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Oxygen Analyzer Fuel Cell Electrochemical Method

The oxygen analyzer uses a completely sealed fuel cell oxygen sensor is one of the most advanced oxygen measurement methods in the world. The fuel cell oxygen sensor is composed of a highly active oxygen electrode and a lead electrode, and is immersed in the KOH solution. Oxygen is reduced to hydroxide ions at the cathode, and lead is oxidized at the anode.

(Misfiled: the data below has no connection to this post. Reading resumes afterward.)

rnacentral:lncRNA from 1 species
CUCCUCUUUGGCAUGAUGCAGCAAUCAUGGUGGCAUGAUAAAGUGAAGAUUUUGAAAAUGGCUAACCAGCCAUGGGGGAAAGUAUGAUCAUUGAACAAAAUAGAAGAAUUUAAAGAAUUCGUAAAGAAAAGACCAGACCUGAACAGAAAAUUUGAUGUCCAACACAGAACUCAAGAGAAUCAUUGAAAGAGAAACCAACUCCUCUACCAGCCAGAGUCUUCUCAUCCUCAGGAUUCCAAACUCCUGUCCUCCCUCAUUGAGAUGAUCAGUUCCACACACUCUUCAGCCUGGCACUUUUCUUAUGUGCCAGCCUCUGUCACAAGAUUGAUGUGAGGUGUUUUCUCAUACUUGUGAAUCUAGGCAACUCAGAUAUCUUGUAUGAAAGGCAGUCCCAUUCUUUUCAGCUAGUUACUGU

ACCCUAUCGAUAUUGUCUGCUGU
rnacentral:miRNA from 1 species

The solution is separated from the outside by a layer of polymer film, the sample gas does not directly enter the sensor, so the solution and the lead electrode do not need to be cleaned or replaced regularly. The oxygen molecules in the sample gas diffuse through the polymer film to the oxygen electrode for electrochemical reaction. The current generated in the electrochemical reaction depends on the number of oxygen molecules diffused into the oxygen electrode, and the diffusion rate of oxygen is proportional to the sample gas. Oxygen content, in this way, the output signal size of the sensor is only related to the oxygen content in the sample gas, and not to the total amount of gas passing through the sensor. The oxygen analyzer is connected by an external circuit, and the charge transfer in the reaction, that is, the magnitude of the current is proportional to the oxygen participating in the reaction. Using this method for oxygen measurement, it is not affected by the reducing gas in the measured gas, eliminating many sample gas processing systems. It is faster than the old-fashioned “gold-net-lead” primary battery to measure oxygen and does not require a long blow-out process. The “gold-net-lead” primary battery sample gas directly enters the solution, resulting in a large amount of instrument maintenance and fuel The sample gas of the battery method does not directly enter the solution, and the sensor can work very stably and reliably for a long time. In fact, fuel cell oxygen sensors are completely maintenance-free. However, during use, frequent calibration is required to ensure the accuracy of the test. Currently, fuel cell electrochemical oxygen sensors on the market are more stable than those from Europe and the United States.

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